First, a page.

Intermittent Fasting

By Ian (Wes) Knight

    Intermittent fasting has gotten a lot of popularity in the last two years. It has been widely endorsed by popular figures like Terry Crews and Jim Stoppani for its fat burning benefits and relatively easy to follow concept. I have always been wary of widely spread fads, especially in the fitness industry. Every two to three years a specialist said that eggs yolks were bad for you and then the same specialists would say they were beneficial for your health. Research is very necessary when deciding what nutritional habits are going to work best for you and your needs. 

What is intermittent fasting?

    Intermittent fasting is when you fast for a long period of time. Fasting in this definition includes intaking absolutely no calories. The only beverages acceptable during this particular fast are water, tea, and black coffee w/ no additives. Be very careful about adding non-caloric sweeteners to beverages. The point of the fast is to keep the insulin levels an optimal fat burning state. Spiking insulin levels would decrease the body’s ability to burn fat, which is the main benefit of intermittent fasting.

    The term “Long period of time” has been up for debate in the past, I have stuck with Stoppani’s recommendation of fasting for 16 hours and eating for 8. This is known as the 16:8 fast. Durning intermittent fasting, an individual would intake 0 calories during their fasting time. During the feed time, an individual would consume their recommended caloric intake. The only difference being that there is a shorter amount of time to reach caloric goals as compared to traditional eating habits. I would recommend making the first meal a high protein, low carb meal to take full advantage of insulin levels. After that first initial meal, individuals can begin balancing out their carb recommendations throughout the feeding window. The most important note during the feeding window is DO NOT UNDEREAT. Under eating will result in muscle mass loss and thus more fat. It is a fine balance. 

How does intermittent fasting work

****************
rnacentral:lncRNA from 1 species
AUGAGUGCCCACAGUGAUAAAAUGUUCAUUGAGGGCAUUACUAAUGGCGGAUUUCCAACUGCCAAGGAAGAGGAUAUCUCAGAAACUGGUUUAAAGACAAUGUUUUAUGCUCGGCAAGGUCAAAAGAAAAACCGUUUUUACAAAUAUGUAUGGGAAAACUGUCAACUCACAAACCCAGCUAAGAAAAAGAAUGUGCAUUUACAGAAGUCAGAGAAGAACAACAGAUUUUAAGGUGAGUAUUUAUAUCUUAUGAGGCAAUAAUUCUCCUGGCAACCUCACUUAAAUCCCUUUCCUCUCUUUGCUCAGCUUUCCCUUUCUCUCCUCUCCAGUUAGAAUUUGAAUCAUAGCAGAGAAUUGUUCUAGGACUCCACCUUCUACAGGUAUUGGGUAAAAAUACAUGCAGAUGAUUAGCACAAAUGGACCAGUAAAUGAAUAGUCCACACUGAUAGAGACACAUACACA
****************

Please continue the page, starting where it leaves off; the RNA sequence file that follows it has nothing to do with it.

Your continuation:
Intermittent fasting has been used to unlock certain genes encoded in cells that increase fat oxidation; by going long periods of time without consuming calories, the body was trying to rely more heavily on fat cells for energy than muscles. The genes activated by certain enzymes and proteins make the fat burning process more effective. This effectiveness was measured in between the range of 5 to 20 folds. The fasting process has specifically been shown to have the most effect on the skeletal system and how it produced ATP for fast twitching muscles, which produces enzymes that aid in the process of building ATP. This is similar to the effects of creatine. 

Exercising while fasting

    Training while fasting has been shown to maximize the fat oxidation process. Pending on how hard an individual is training, this may not be advised. Performing light to moderate cardio in a fasted state is tolerable for most individuals, but heavy anaerobic activity or strenuous weight lifting activities will need some substance. Drinking BCAA’s during a workout will help keep lean muscle mass intact, but technically this is seen as breaking the fast because BCAA’s have calories. At this point the individual is going to have to experiment with their body and see if consuming BCAA’s while working out will make that big of a difference in the fat burning process. 


    Overall, I have not personally experimented with intermittent fasting for an extended period time because I still train vigorously and I am already happy with my physique. I can not sign off on intermittent fasting full- heartedly yet, however, I do fast during the Holdiay season around Thanksgiving and Christmas. I know that I am going to consume large amounts of food in a short amount of time and I do not want to sabotage my metabolism and gain unnecessary fat. I combat the holiday weight gain with intermittent fasting. I do recommend individuals who have a hard time eating their 5-6 meals a day to try intermittent fasting and see if this method will work better for them. Intermittent fasting is a fairly strict eating lifestyle. Spiking your insulin levels can ruin your progress pending on the state of your metabolism. This style of eating IS NOT RECOMMENDED for my athletes. You need to fuel your body consistently. We are lifting for function and mobility not aesthetics. For my general public clients feel free to experiment if you are struggling with your normal eating habits. 

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